Poignant Poetry Grand Slam Sends Five NYU Students to Compete in Finals


Audrey Lee

With his poem discussing police brutality, Michael Frazier is one of the chosen few to represent NYU this year at the College Union Poetry Slam Invitational.

Hailey Nuthals, Arts Editor

It’s no secret that slam poetry leans towards the political, the emotional and the controversial, but this weekend’s Grand Slam, hosted by Slam! at NYU at Kimmel’s Rosenthal Center, was a slam for the ages. In the wake of the results of the presidential election and given that much of NYU’s slam poetry club identifies as either a person of color or a member of the LGBTQ community, there were definitely a lot of stewing opinions waiting to be let out.

The event was hosted by poet and actress Ashley August, who is currently the host of the famed Bowery Poetry Slam and was New York’s 2013 Youth Poet Laureate. She was also the evening’s featured artist, and between the second and third rounds of the competition, she performed three short but moving pieces of her own (including her hit “Roaches,” an epic and gratifying takedown of her exes). August’s wit and joviality were occasionally what kept the night from descending into a dark and depressing night of performance. This is not to say that the poems were too heavy, however, merely that in conjunction with the eruption of hate following the results of presidential election, a little light-heartedness was more than appreciated, particularly from someone as effervescent as August.

The slam was also tense in part due to the fact that the five best performers of the night would spend the next months working together to prepare both individual and group poems for this year’s College Unions Poetry Slam Invitational in Chicago, the crowning event of college slam poetry clubs. Judges at the slams are randomly selected from the crowd, making sure each judge had no personal affiliation with any competitor. NYU has competed in CUPSI for the last several years, placing third in the preliminary round last April.

Throughout the three rounds of Sunday’s competition, poets had pieces that plucked the most aching of heartstrings, from sexual assault of children (with beautiful pieces by both Annalisa Garofalo and Maria Polzin) to fat-shaming (Amirah Rivers) to Islamophobia (Khalid Abudawas) to a whole load of poems celebrating the indelible magic of black women. As is the nature of slam poetry, each piece was filled to the brim with personal experience and passion. As the night wore on, the depth of each piece became nearly uncomfortable as the performers became more and more earnest, gasping, crying and even singing during their pieces.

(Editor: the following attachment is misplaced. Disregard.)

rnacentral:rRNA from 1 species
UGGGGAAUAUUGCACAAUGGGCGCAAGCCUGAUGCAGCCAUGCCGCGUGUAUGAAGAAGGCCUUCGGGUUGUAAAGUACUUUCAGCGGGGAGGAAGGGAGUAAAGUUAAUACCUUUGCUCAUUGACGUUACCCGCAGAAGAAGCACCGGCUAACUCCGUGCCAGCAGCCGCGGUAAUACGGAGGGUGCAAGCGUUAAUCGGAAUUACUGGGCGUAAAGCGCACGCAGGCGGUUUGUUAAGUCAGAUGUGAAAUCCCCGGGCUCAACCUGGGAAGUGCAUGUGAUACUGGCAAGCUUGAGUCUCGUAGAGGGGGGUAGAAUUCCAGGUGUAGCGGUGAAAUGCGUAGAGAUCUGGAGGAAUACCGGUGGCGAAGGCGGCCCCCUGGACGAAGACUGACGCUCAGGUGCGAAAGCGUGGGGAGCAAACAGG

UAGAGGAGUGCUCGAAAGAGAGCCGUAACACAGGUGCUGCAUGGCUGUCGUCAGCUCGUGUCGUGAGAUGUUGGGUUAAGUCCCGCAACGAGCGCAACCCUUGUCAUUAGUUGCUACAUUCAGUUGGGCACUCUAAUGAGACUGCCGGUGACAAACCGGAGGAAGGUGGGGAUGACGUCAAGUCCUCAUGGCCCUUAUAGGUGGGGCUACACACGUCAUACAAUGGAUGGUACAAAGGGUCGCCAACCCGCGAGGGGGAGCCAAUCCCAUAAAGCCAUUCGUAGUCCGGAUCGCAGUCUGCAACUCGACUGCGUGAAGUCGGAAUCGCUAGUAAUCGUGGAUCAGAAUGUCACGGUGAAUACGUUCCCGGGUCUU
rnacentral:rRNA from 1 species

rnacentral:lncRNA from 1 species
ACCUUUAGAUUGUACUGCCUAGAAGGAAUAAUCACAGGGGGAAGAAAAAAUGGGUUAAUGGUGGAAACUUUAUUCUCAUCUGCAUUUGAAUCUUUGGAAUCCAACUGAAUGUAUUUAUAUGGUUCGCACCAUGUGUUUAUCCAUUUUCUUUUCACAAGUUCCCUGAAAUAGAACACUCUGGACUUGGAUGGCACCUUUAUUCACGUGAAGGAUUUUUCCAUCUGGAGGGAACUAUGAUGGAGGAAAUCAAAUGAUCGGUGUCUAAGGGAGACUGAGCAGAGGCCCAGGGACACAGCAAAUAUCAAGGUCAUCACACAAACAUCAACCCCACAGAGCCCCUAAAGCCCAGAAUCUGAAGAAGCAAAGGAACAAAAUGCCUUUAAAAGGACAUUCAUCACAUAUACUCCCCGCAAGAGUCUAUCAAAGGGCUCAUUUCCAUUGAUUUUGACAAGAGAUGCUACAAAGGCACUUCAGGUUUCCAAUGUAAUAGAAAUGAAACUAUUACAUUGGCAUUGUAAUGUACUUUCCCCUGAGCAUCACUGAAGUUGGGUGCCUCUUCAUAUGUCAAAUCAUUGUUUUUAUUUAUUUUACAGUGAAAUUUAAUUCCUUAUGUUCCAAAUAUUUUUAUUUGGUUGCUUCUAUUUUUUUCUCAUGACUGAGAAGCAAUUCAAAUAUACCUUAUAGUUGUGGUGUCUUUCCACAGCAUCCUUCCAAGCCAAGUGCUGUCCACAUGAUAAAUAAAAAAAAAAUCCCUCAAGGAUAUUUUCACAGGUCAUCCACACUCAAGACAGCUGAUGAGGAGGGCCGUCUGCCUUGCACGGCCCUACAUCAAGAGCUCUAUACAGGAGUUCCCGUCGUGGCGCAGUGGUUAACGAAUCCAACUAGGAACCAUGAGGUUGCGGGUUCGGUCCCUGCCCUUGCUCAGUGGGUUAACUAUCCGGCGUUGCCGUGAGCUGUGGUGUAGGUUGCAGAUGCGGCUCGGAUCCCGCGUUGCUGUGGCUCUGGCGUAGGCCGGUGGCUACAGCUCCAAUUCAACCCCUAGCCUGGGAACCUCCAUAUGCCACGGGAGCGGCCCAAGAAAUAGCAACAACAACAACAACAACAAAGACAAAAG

The last round in particular brought out the deep, dark, dirty laundry of the poets. It was the fiercest round of competition, and clearly no holds were barred. Everything from Michael Frazier’s poem that used the “Indoors” song from “Spongebob Squarepants” to talk about police brutality to Annalisa Garofalo’s piece about the United States’ violence toward indigenous Americans to Ernest Tjia’s poem about (or rather, not about) suicide brought both stunned silences and appreciative snaps from the crowd. Not a single poem failed to receive a perfect score of 10 from at least one of the three remaining judges.

All in all, though, the judges fulfilled their duty and the scores were tallied. NYU will be represented by Rivers, Frazier, Abudawas, Garofalo and Myles Golden this year at CUPSI, with Golden taking first for the night (Tjia will the be the team’s alternate). Judging by the talent onstage Sunday night, they won’t disappoint.

Email Hailey Nuthals at [email protected]